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Showing most liked content on 05/07/21 in all areas

  1. 6 likes
    What do you call an alligator wearing a vest? An investigator!
  2. 4 likes
    "More likely than not" looks to be 34. If you wanted to be very likely, you're looking at around 65. X axis is number of packages, Y axis is probability.
  3. 3 likes
    I partially agree with you guys. I think trials gives bad habits too. I have also problems at jumping, this is my weakness on a MTB for sure. I really noticed that riding pumptrack. I used the wrong motion. And I can't remove my hands from the bar too! But on the other hand, I think trials helps me on technical jumps, that require one to be really active (you can either use speed or an impulse). Here is why: The motion differs from the bunny hop slightly: the steps stay the same, just the execution periods change. I understood this recently. The first steps of the bunny hop are to lower your chest/body (1) and then to push against the ground (2). Then you move your upper body backwards to lift the front wheel (3). But if you want to go really high, somehow you have to "push against the ground". As you do during some static hops too. When jumping a kicker, you will do the same. But the pushing (2) is more relevant in this case than pulling from the bar (3), due to the kicker and the angle of your body with the bike/ground.I understood this while trying to bunny hop higher. So trials helps me a lot there. As soon as I understood this, I did some progress in DJ. I am still not good, but at least I think I understood the correct motion and it works well on some doubles on the pumptrack . One other relevant aspect: in DJ, you have to move your hips forward, to land front wheel first and to fly a nice curve in the air. This is similar to a bunny to front. You have to drive the motion of your bike. Trials helped me to get a better impulse with my legs on the jumps. I noticed this on jumps where the impulse has to be really quick (for example on a jump directly at the end of a berm) This is based on my experience and as I said, I am not a good jumper. So please feel free to correct me!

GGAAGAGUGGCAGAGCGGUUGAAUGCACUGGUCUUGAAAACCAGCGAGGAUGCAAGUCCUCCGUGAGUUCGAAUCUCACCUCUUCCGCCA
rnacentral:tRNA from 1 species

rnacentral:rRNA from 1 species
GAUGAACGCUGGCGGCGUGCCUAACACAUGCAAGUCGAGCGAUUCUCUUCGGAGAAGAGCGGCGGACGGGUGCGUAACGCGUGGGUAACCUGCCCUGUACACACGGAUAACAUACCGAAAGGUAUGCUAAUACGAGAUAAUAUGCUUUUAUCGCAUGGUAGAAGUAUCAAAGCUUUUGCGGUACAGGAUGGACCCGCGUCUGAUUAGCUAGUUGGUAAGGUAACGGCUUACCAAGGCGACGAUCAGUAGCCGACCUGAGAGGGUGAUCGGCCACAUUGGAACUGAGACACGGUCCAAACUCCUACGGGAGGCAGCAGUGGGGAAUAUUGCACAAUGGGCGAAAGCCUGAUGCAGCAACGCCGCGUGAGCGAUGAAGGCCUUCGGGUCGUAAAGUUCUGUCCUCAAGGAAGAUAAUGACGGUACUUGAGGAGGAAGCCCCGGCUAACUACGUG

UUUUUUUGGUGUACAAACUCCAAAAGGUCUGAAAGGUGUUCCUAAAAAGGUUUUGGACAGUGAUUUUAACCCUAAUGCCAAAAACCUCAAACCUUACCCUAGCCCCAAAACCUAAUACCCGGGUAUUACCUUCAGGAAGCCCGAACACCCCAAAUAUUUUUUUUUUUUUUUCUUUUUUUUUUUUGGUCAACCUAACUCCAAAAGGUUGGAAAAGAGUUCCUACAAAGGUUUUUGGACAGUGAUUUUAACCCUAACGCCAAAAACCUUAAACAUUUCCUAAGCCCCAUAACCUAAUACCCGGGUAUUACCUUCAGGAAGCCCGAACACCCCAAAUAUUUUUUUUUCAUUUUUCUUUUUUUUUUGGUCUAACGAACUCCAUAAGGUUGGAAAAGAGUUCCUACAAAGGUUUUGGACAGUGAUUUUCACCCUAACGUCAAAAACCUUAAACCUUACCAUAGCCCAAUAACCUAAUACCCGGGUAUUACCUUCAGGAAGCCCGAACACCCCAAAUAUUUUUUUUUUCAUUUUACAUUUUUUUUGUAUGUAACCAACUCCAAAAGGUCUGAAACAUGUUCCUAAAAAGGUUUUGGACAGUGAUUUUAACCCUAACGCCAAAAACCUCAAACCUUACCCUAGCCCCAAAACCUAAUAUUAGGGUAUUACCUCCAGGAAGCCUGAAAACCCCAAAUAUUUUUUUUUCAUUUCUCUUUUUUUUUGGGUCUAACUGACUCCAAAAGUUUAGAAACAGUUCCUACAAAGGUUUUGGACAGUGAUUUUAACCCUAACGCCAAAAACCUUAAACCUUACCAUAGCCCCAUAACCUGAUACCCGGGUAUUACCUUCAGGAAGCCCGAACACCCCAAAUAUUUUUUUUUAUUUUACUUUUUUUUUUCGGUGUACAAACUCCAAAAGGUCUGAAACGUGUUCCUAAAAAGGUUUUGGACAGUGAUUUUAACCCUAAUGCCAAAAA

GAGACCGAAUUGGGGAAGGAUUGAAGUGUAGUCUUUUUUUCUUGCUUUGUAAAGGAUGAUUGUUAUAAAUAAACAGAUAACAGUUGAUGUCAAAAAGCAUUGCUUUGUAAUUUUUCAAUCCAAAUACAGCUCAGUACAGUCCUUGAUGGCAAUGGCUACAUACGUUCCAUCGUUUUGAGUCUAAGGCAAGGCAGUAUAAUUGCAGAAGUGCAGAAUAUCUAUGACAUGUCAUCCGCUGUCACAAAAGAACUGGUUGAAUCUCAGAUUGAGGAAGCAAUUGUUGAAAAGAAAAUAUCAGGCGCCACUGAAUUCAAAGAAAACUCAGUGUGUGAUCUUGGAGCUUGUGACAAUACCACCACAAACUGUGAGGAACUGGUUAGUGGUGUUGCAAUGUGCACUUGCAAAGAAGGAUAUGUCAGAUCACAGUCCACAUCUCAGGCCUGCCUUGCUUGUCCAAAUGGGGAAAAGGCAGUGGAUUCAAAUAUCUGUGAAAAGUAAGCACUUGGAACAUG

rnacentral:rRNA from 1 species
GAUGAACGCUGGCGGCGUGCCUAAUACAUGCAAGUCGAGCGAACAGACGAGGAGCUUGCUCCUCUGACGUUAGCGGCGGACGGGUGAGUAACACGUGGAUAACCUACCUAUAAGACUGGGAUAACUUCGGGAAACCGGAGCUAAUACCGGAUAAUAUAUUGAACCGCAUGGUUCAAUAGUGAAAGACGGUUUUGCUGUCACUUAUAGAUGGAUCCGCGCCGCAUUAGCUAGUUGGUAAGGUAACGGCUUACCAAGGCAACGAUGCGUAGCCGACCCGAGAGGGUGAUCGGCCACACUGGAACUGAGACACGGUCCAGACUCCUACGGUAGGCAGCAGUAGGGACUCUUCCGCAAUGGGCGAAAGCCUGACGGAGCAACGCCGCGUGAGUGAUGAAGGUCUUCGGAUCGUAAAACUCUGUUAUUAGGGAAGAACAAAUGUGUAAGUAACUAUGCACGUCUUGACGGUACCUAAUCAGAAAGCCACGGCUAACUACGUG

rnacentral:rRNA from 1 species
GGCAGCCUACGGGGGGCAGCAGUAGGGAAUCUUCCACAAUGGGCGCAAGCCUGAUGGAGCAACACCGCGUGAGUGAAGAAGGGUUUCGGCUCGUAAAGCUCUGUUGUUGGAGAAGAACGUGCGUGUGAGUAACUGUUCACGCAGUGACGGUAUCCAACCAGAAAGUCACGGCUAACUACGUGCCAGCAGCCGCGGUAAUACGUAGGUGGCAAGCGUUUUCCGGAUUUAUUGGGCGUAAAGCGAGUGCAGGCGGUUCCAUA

4. 2 likes
    So this is pretty interesting: https://www.pinkbike.com/news/how-much-do-professional-mountain-bikers-get-paid-pinkbikes-state-of-the-sport-survey.html Some random facts from it - 21% of the top 40 riders in the UCI DH and XC World Cups, EWS and Slopestyle events don't get paid a wage from their sponsors (they may be paid expenses, but that wasn't covered in that survey). Nearly half of the top 40 downhill riders in the world are paid between $0-5,000 per year (again, not incl. expenses). It's pretty nuts that most of the riders in those disciplines are paid so little that they couldn't afford to buy the bikes they ride at retail price on their salaries. I assume there might be (must be?) some non-endemic sponsors helping them out, but still, they can't really be making much of a living with that. As a slight contrast, there's a stipulation for teams taking part in the UCI World Tour road cycling events that they have to pay each of their team riders a minimum wage of €40,045...
  5. 2 likes